Some psychology graduates go on to become chartered psychologists, specialising in clinical, educational, occupational, forensic, health or sports psychology. You will be equipped, also, to engage in opportunities in new and emerging areas such as environmental psychology, consumer psychology, and business intelligence. The workplace is a fiercely competitive field. In graduating with a Masters from Lancaster, you will be given a wider range of opportunities, and gain an edge when applying for new roles. This advanced qualification will also support your career progression as you move into more senior positions.
2:1 Hons degree (UK or equivalent) in Psychology or related cognate discipline.
We may also consider non-standard applicants, please contact us for information.
If you have studied outside of the UK, we would advise you to check our list of international qualifications before submitting your application.
We may ask you to provide a recognised English language qualification, dependent upon your nationality and where you have studied previously.
We normally require an IELTS (Academic) Test with an overall score of at least 7.0, and a minimum of 6.0 in each element of the test. We also consider other English language qualifications.
If your score is below our requirements, you may be eligible for one of our pre-sessional English language programmes.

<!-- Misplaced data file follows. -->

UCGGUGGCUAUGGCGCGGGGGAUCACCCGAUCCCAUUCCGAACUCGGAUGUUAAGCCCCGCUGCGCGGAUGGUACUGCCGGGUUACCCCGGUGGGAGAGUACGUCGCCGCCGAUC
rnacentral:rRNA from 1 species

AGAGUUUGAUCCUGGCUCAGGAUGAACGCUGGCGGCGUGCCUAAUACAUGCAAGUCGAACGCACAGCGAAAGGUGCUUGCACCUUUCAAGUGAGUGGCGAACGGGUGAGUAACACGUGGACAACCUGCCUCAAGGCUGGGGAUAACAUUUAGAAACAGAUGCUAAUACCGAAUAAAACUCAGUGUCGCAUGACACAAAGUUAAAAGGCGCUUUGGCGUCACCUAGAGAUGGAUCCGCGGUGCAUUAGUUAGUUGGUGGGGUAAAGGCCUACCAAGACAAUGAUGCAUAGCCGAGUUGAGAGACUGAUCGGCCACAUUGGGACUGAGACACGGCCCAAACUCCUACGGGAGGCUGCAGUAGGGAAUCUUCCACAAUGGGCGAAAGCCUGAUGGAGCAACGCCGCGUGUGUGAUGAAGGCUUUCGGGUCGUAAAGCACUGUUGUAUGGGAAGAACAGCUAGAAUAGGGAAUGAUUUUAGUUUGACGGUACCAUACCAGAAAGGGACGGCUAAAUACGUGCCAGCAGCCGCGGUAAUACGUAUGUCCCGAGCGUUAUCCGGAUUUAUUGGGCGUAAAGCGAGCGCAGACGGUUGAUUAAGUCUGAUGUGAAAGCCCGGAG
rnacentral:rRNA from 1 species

Contact: Admissions Team +44 (0) 1524 592032 or email firstname.lastname@example.org
You will study a range of modules as part of your course, some examples of which are listed below.
A range of analytical techniques, both written and practical, that are standard in professional practice in psychological research will be taught. With emphasis on quantitative observation, students will explore a core set of analytic methods through a combination of lectures and practical workshops, and will learn how to apply statistical tests, such as ANOVA, correlation and regression, and t-tests, in a variety of settings. Problem solving skills will be honed by learning how to define the link between observed outcomes and psychological effects in a wide range of contexts.
Students with be equipped with the capacity to confidently identify the appropriate technique for analysing data across a wide range of investigation types, applying the R statistical software to their own research. They will reinforce decision making and evaluation skills through examining different forms of evidence, and gain experience in presenting and interpreting findings effectively in a journal-style short report.